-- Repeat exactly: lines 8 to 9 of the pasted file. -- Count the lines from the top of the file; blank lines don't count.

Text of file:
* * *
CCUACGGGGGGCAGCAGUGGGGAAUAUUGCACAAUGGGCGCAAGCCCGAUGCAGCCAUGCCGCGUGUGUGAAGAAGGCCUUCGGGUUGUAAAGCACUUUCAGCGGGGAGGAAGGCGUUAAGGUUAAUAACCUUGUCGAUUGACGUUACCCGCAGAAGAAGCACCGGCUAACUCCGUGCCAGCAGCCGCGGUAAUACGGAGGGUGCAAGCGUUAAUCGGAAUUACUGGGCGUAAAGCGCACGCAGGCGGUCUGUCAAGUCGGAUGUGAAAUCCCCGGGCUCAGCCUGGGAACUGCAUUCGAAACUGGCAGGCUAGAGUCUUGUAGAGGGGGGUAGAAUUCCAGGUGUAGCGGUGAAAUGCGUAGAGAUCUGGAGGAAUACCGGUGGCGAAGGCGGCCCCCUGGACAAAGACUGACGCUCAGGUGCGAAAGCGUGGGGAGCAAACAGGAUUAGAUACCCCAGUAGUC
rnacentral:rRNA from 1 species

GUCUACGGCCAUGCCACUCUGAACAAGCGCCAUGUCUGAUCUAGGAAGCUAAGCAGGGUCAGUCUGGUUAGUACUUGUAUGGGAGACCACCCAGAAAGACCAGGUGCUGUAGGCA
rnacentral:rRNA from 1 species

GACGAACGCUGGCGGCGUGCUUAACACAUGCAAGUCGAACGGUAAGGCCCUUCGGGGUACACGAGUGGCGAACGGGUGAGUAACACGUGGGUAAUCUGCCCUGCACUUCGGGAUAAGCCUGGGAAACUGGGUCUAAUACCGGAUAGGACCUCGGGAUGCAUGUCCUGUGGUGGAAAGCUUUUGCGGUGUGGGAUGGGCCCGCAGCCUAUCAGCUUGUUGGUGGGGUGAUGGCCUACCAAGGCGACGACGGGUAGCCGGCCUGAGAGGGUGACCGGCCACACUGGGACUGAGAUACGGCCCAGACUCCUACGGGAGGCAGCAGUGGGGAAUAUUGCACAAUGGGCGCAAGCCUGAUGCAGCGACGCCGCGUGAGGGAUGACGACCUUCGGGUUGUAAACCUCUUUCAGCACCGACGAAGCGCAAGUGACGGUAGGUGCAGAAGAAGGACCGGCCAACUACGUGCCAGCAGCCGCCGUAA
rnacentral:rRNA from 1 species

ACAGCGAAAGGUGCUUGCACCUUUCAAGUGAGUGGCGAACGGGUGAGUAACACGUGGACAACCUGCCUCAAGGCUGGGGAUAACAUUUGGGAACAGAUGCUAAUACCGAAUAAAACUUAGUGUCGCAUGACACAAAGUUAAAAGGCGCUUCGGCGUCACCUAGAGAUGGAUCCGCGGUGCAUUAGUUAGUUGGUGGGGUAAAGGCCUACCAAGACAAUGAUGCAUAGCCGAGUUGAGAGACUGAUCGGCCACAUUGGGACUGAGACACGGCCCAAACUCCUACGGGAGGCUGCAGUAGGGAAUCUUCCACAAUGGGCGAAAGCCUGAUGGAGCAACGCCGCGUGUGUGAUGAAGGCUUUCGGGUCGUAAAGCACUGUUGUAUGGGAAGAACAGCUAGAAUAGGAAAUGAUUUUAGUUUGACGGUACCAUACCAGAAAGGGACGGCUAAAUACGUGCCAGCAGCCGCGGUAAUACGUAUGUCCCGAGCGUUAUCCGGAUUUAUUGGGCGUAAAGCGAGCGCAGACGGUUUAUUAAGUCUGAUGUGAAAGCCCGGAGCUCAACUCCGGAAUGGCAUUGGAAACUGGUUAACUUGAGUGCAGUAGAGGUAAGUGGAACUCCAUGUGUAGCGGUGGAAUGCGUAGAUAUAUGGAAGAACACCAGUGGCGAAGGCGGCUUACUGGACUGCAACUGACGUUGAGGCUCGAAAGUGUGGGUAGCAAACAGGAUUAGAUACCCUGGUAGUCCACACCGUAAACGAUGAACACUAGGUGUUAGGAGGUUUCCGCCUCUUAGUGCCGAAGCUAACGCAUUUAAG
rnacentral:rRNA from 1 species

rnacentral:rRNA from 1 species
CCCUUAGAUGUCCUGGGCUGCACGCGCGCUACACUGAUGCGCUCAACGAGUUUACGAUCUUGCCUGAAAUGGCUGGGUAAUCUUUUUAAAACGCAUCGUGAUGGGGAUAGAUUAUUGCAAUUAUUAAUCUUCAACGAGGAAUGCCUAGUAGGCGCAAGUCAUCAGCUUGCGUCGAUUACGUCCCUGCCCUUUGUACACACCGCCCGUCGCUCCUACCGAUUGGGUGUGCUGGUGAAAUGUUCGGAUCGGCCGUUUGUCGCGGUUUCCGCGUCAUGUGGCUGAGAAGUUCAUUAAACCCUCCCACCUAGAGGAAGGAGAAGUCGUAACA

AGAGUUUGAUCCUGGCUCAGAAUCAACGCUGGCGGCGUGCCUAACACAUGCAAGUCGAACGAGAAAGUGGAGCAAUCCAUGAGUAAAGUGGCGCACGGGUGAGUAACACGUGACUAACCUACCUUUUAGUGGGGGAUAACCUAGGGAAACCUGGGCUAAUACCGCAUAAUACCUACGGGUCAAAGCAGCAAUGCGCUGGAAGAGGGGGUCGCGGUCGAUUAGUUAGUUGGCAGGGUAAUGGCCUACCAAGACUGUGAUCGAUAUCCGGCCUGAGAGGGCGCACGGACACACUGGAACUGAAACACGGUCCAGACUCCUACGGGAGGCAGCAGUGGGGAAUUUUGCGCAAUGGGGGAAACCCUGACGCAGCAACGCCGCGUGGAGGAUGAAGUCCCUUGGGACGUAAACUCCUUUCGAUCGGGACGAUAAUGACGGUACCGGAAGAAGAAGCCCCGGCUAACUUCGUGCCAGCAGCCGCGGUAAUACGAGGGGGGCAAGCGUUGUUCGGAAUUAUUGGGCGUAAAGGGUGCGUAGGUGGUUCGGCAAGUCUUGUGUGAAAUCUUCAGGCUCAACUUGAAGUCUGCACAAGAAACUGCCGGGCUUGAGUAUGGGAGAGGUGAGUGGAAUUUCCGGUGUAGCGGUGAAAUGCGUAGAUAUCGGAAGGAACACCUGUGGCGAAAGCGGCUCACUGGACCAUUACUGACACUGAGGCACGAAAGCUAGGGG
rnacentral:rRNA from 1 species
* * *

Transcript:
rnacentral:rRNA from 1 species

rnacentral:rRNA from 1 species